In 1987, the government of Ghana embarked on a process to decentralise education management to districts as part of wider social and democratic governance reforms. A central part of this reform was the prescription of active community participation in the affairs of schools within their locality. This paper explores the different meanings community participation had for school community stakeholders. It examines the multiple understandings of how community and school relations work and the factors which influence this relationship. Drawing on case study data, it argues that much of the theoretical and policy expectations on representation and participation in education by community members are only evident in form, but not as intended in practice. In poor rural contexts, it is often the local elite and relatively more educated members of the community, who become the new brokers of decision-making and, through their actions, close up the spaces for representation and participation by community members in the affairs of schools. Furthermore, the extent of community participation appears to be shaped by a ‘social contract’ based on the principle of reciprocity of roles between the community and schools, and that increasingly teachers feel accountable to the traditional hierarchical educational structure, and not to the community. The paper argues that the realisation of decentralisation policy in education has to contend with the realities of local politics of influence in the community, and tap into the positive side of this influence to improve education service delivery.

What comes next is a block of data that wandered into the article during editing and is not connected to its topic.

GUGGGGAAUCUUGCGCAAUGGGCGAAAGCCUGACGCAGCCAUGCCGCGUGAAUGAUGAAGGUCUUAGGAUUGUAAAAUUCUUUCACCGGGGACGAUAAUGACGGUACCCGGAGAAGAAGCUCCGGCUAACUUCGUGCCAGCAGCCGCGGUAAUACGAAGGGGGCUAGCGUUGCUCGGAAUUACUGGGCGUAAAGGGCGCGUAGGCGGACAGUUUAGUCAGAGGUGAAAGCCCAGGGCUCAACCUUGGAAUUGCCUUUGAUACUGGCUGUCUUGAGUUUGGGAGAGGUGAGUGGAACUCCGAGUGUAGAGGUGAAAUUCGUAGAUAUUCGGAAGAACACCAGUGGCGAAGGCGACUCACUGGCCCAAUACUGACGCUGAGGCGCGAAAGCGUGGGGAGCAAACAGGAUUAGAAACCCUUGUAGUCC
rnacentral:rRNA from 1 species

Journal of Education Policy (2011) 26 (4) 513-527 [DOI:10.1080/02680939.2011.554999]